Santa Cruz-based artist Fred Hunnicutt's unique work takes the shape of a face emerging from a flat plane. Referencing a technique used in drawing, Hunnicutt made “cross contours” with stainless steel rods to create a form that appears at times both two- and three-dimensional. The 9-foot-tall portrait is like a large yet subtle drawing in the air, using the negative space between metal bars. The face seems to watch the activity on Cal Ave with an inquisitive expression, not merely staring into space.
Fred Anson Hunnicutt (1939 – 2017) was a professor of art at University of California, Santa Cruz as well as at the University of Texas at Arlington. He was also a lecturer in sculpture at Hornsey College of Art (London), and Royal College of Art (London) from 1966 - 1968. He received a B.F.A. from the University of Texas and his M.F.A. from San Francisco Art Institute. His work can be seen in many Bay Area cities, including another sculpture using an abstracted human form called Push, located in Palo Alto’s Mitchell Park.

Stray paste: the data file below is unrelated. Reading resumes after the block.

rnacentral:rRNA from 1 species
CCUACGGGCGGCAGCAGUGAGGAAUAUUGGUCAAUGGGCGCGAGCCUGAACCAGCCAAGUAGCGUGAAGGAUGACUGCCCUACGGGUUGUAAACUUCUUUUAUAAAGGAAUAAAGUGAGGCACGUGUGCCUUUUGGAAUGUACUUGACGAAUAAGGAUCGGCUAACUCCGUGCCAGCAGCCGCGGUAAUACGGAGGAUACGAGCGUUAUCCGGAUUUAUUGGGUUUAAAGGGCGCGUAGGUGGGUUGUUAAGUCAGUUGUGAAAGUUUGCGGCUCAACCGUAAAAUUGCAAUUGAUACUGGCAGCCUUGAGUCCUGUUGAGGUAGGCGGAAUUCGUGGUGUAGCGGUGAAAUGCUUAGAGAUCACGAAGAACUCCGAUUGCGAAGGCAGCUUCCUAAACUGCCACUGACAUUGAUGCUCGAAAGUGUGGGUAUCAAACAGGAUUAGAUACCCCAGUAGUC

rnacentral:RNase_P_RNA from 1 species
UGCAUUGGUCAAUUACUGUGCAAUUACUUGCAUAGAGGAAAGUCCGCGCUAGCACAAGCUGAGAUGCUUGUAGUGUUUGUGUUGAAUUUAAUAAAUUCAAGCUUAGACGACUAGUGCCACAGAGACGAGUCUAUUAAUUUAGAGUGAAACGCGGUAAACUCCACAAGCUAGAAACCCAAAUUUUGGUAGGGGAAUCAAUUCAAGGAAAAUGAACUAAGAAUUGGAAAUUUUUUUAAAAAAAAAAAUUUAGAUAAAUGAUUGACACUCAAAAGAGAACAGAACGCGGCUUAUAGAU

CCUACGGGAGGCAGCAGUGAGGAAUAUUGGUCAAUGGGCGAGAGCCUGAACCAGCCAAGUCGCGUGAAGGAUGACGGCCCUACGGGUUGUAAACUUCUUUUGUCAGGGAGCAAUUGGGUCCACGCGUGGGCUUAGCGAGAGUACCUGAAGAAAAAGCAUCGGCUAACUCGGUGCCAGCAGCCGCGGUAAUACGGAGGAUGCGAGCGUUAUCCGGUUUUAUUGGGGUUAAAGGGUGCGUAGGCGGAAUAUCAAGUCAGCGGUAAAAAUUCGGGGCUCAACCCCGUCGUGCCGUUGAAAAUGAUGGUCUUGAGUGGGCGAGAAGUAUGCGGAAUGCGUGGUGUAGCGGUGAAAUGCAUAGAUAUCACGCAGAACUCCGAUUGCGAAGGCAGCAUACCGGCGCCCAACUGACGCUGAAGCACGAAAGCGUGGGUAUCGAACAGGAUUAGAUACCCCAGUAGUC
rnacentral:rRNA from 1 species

This sculpture’s name was originally supposed to be Metalmorphosis, but it became affectionately known as a “Jungle Jane” when someone referred to it as such during a Palo Alto Visual Arts Committee (now known as the Public Art Commission) meeting.